And the door isn’t completely closed to new talent shows either. “When The X Factor or Idol juggernaut was a bit younger there might have been a feeling that you can’t pitch a singing show or a dancing show,” says Initial’s Samwell-Smith. “But you feel, in the current climate, that even though those massive shows are still delivering huge numbers, if you get it right and have the right twists on it, there may well be room for more in that area.” Because it’s looked like the genre has reached saturation point before, and then one more talent show comes along and turns into a hit. “I remember at ITV thinking there couldn't possibly be another talent show and then Britain's Got Talent pops up, so you never say never,” says Sky One head of entertainment, Duncan Gray.

But for all channels, a new talent show would have to have some very original twists to it. “If it is a talent show the important thing is it has a real point of difference so we’re offering something that has a different flavour or attitude,” says BBC controller of entertainment commissioning, Mark Linsey. “That’s very key, not to ape something that already exists.”

“If we do it we’d have to invert it. It’s very difficult to go up against the wonderful X Factor. And our price point isn’t the same, so we would have to come at it from a very Channel 4 angle,” says Channel 4’s head of entertainment Justin Gorman. “We piloted something a while back and we’re still looking at how we touch in that area. It’s a tricky place to inhabit but I’d never say never because it obviously has a great audience but it’s tonally a tricky thing to achieve.”

Outside of the terrestrials, original commissions need to offer a point of difference, not a slightly less opulent copy, says UKTV’s commissioning editor for entertainment, Tess Cuming. “We tend to shy away from talent competitions. Our budgets are very healthy. They’re on a level with, if not more than, Channel 5, but our business model is based on something we can repeat to amortise costs.” And repeatability is not one of the major features of a talent show. “We don’t want to look like we’re aping the terrestrial channels and look like we’re doing a paler version. It’s difficult to sail into a similar area with a fraction of the budget.”
So the door may be open still at some broadcasters, but the idea would have to be very surprising to be welcomed in to the room. And with those ratings bankers still doing the business, the channels are on the lookout for the next generation of entertainment shows.

“I look at reality game shows and at the reality fusion going on in The Only Way is Essex and admire them and wonder what Sky’s bigger, better version would be,” says Sky One's Duncan Gray. “There are a couple of crossover genre shows that are just about to hit in the international marketplace that I’m very interested in. I’m very interested in the next generation of talk shows and who those performers may be, not in a pluggy way, but in a performance based way.”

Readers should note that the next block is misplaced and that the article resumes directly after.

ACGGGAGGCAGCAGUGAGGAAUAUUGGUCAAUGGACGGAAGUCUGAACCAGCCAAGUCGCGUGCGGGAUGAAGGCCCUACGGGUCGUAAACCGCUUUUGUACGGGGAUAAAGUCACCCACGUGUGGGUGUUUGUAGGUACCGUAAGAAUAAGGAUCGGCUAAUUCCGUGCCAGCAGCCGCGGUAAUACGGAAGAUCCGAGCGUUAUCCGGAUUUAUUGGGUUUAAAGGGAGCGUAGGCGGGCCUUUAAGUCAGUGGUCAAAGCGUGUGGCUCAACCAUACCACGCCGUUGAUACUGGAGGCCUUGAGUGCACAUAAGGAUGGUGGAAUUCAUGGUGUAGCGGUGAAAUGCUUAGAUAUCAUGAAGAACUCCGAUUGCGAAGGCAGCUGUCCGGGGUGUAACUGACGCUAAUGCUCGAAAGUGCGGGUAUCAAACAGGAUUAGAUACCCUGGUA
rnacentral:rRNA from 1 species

BBC controller of entertainment commissioning, Mark Linsey, says the success of the big returning shows gives commissioners the leeway “to take risks and back producer’s hunches and try new things and new territories which we’ve got to do to move the genre on.”

Initial’s Samwell-Smith, whose new BBC1 show Don’t Scare the Hare features a four-foot tall animatronic hare, reckons the time is ripe to pitch the weird and wonderful “There’s room for coming up with an idea which is a bit out there, a bit mad. You can sometimes almost surprise a commissioner into being interested in your show. That it’s so left of field they can’t say no to it.”

For Channel 4’s head of entertainment Justin Gorman, “creating hybrids is a really interesting way of moving things forward - combining an event with a gamseshow with live show with a stripped thing with a studio thing attached to it – that sort of bonkers stuff as a starting point is good. It’s easy to get stuck with ‘that worked quite well, what can we do that’s a bit similar to that again’. If we’d done that there’s no way we would have done Ten O’clock Live or The Million Pound Drop.”

But just as broadcasters may be on the lookout for new forms and hybrids of existing formats, entertainment TV’s cyclical nature, and its willingness to dust off ideas from the past and give them a new shine, means it’s not always the brand new that’s given a chance. “We are looking at single player, high value, gameshows and quiz shows,” says Samwell-Smith of Endemol's development efforts. Could this be a new Who Wants to be a Millionaire? before the original show’s even left the airwaves?

Posted 04 May 2011 by Jon Creamer